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segunda-feira, 27 de junho de 2011

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Uma boa, para TODO ESTE CALOR, uma nova Liga metálica que converte o calor em electricidade!


New alloy converts heat directly into electricity

By Ben Coxworth

The heat given off by electronics, automobile engines, factories and other sources is a potentially huge source of energy, and various technologies are being developed in order to capture that heat, and then convert it into electricity. Thanks to an alloy that was recently developed at the University of Minnesota, however, a step in that process could be saved - the new material is able to convert heat directly into electricity.

The multiferroic alloy, with the catchy name Ni45Co5Mn40Sn10, was created by combining its various elements at the atomic level. Multiferroic materials are known for having unique elastic, magnetic and electric properties, and in the case of this alloy, that takes a form of an usual phase change. When heated, the non-magnetic solid material suddenly becomes a strongly magnetic solid.

In a lab test, upon becoming magnetic, the material absorbed heat in its environment and proceeded to produce electricity in an attached coil. Although some of the heat energy is lost in a process known as hysteresis, the U Minnesota researchers have developed a method of minimizing that energy loss.




Uma maravilha, este projecto Britânico, ainda há lá Cabecinhas Pensadoras!


ESA review finds 'no impediments' for SKYLON spaceplane development

By Darren Quick

After nearly 30 years of service, the Space Shuttle fleet is due to enter retirement with the last ever mission scheduled for takeoff on July 8, 2011. In its lifetime, the world's first Reusable Launch Vehicle (RLV) has provided information that will prove invaluable for the next generation of spacecraft that will succeed it. One such craft is the Skylon, an unpiloted, single-stage, reusable spaceplane currently under development by UK-based Reaction Engines Ltd. (REL). The Skylon got a shot in the arm last month with the release of a technical review of Skylon carried out by the European Space Agency (ESA) that concluded there are "no impediments" that would prevent the continued development of the Skylon and its SABRE engine.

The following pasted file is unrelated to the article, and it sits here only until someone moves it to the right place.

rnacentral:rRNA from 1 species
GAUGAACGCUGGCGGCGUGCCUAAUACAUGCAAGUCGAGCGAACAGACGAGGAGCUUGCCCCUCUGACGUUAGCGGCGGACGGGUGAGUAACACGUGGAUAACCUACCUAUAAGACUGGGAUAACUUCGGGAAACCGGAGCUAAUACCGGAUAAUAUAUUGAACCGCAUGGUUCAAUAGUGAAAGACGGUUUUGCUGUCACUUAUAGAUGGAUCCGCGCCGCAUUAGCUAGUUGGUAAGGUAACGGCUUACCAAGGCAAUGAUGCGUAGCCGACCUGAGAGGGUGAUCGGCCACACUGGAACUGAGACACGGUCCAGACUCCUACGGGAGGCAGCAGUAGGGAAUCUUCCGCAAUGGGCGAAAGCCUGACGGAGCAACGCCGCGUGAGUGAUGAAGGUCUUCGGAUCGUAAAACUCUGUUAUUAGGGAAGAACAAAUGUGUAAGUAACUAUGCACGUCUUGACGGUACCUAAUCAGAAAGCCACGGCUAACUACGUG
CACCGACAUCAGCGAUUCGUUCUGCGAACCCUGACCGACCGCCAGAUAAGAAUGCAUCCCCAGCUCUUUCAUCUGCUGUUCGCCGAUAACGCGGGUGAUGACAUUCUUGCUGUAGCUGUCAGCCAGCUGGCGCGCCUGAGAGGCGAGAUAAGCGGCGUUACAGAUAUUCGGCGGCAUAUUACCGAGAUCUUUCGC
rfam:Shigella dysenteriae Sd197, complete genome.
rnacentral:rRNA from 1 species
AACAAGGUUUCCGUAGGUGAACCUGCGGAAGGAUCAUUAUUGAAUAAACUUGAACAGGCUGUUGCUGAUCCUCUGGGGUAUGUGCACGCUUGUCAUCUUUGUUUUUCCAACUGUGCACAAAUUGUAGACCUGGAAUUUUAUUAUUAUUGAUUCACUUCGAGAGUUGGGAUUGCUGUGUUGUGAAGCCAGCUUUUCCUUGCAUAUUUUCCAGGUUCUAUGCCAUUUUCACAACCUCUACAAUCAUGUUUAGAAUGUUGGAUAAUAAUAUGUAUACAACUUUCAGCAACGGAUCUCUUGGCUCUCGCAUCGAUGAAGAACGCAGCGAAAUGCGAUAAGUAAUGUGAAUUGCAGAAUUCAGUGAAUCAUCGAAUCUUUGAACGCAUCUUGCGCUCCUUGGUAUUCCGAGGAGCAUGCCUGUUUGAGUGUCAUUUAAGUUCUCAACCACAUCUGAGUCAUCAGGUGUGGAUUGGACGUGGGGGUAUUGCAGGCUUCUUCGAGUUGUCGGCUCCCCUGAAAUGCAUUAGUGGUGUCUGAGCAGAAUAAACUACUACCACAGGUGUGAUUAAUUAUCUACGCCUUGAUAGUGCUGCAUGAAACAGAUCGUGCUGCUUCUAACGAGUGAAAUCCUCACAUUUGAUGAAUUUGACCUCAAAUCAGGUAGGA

The Skylon design, which grew out of the HOTOL (Horizontal Take-Off and Landing) program by Rolls Royce and British Aerospace that was terminated in 1988, consists of a slender fuselage containing propellant tankage and payload bay, with delta wings attached midway along the fuselage carrying the SABRE engines in axismmetric nacelles on the wingtips.

With a payload bay measuring 4.6 m (15 ft) in diameter and 12.3 m (40 ft) long, Skylon is designed to transport up to 15 tons of cargo into Low Earth Orbit (LEO, approx. 300 km /186 mile) at about 1/50th of the cost of traditional expendable launch vehicles, such as rockets. It could also carry 10.5 tons to a 460 km (286 mile) equatorial space station, or 9.5 tons to a 460 km x 28.5 degree space station, when operating from an equatorial site.



...Não foram a Paris, ver os Aviões?
Vejam nesta página, carreguem no Link:
The 2011 Paris Airshow in pictures


By Noel McKeegan

Over two thousand international exhibitors, 142 aircraft and tens of thousands of visitors gathered at the Le Bourget exhibition center this week for the 49th International Paris Airshow. Despite some grey skies and unwelcome rain, crowds were treated to spectacular daily flying displays and insights into bleeding-edge aerospace technologies that will shape the way we travel around the planet - and beyond - in the 21st Century. Gizmag joined the throng of media organizations soaking up all that the show has to offer - here's our summary of the week in pictures.

http://www.gizmag.com/2011-paris-airshow-photos/19022/

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